The creative life of a DDB copywriter
By HELEN KRUGER
"Printer's Ink" magazine July 23, 1965
While it is generally accepted that good little copywriters who never split infinitives, never leave widows dangling and cuss out clients (except when cruelly provoked) will probably gain entrance to Heaven one clay, it is no.t as generally known that great copywriters have already been there.
Outwardly, Ron Rosenfeld, seems much like any other Madison Avenue earthling. Dark-rimmed glasses attached to amiable (though not noticeably cherubic) features. Easy manner. Quick smile. Perceptive talk. But inside---a rare attribute-Ron Rosenfeld enjoys his work.
We asked the winner of 18 awards---including last year's AWANY Silver Key for the best liquor ad---what it was like writing for Doyle Dane Bernbach, where he's a vice-president and copy supervisor. The answer, almost matter-of-fact, came without hesitation. "It's 90 per cent Heaven ... best environment I've ever worked in.
"There are no formulas at Doyle Dane Bernbach," he elaborated, "no restrictions, nobody breathing down your neck. Writers and artists are given thr responsibility to do the job that has to be done---with the freedom to do it their own way. It's a very productive atmosphere."
After a moment's thought, he added: "You might say DDB is sort of an adult Summerhill.
Ron believes that people develop faster in this kind of laisses faire environment. Not only do they give more of themselves, in the long run they become more valuable to the agency.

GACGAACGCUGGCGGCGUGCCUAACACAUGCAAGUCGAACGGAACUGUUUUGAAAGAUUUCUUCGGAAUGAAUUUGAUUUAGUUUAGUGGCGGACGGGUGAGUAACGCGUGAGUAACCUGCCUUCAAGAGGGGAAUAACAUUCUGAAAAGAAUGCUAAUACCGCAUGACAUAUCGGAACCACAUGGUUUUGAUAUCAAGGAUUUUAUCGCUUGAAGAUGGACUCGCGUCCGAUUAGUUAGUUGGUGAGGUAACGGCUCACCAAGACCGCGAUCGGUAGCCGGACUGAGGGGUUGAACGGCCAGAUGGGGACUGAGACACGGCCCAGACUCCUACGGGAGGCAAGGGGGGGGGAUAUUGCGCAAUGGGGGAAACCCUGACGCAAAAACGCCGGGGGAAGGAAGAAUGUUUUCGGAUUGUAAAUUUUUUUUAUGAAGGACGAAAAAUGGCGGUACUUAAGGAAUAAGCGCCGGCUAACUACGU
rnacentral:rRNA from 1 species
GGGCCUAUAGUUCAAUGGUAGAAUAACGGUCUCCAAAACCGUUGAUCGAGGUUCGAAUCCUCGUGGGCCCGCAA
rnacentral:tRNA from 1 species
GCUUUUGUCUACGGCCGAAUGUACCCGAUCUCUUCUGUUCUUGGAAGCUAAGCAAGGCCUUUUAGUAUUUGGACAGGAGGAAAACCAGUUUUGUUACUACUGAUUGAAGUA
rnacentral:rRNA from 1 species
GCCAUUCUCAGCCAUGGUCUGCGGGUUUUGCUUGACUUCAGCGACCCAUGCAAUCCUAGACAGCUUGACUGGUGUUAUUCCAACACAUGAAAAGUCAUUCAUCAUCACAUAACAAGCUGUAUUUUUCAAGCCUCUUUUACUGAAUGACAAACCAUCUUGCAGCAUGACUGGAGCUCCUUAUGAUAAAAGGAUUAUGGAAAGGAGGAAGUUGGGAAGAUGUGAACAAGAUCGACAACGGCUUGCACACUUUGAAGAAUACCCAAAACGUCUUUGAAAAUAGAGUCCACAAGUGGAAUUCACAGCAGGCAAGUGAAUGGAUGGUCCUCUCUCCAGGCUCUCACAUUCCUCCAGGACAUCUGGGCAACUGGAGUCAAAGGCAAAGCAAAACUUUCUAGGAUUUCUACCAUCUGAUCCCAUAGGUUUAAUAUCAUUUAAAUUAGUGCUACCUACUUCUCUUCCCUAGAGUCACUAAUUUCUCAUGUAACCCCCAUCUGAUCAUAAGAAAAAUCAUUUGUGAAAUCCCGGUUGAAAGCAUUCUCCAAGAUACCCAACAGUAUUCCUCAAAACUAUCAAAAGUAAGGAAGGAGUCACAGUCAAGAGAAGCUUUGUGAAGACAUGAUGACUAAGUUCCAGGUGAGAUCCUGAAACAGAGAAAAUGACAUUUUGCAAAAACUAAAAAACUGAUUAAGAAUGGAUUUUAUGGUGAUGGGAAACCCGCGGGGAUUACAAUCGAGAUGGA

"Creative people should be allowed to be as free, as inventive, as spontaneous as they know how to be...even altogether wild, if that's the way they want to go. 1t's always easy to pull them back a little, if necessary... easier than making a dull ad more imaginative."
At DDB, writer and artist enjoy an ideal relationship, according to Ron. "It's an absolute partnership, with very little competition, and never any jockeying for credit.
In practice, we're co-writers and co-art directors---two advertising men whose skills overlap. It's never my ad, but our ad. In fact, afterwards, irs difficult to remember who did what."
No writer at the agency ever goes to an art director "with a piece of yellow paper," for it is felt that both must build an ad together. When new client or new product is involved, both begin with a visit to the paint where they talk with research and production people. "This was how the Calvert campaign was horn.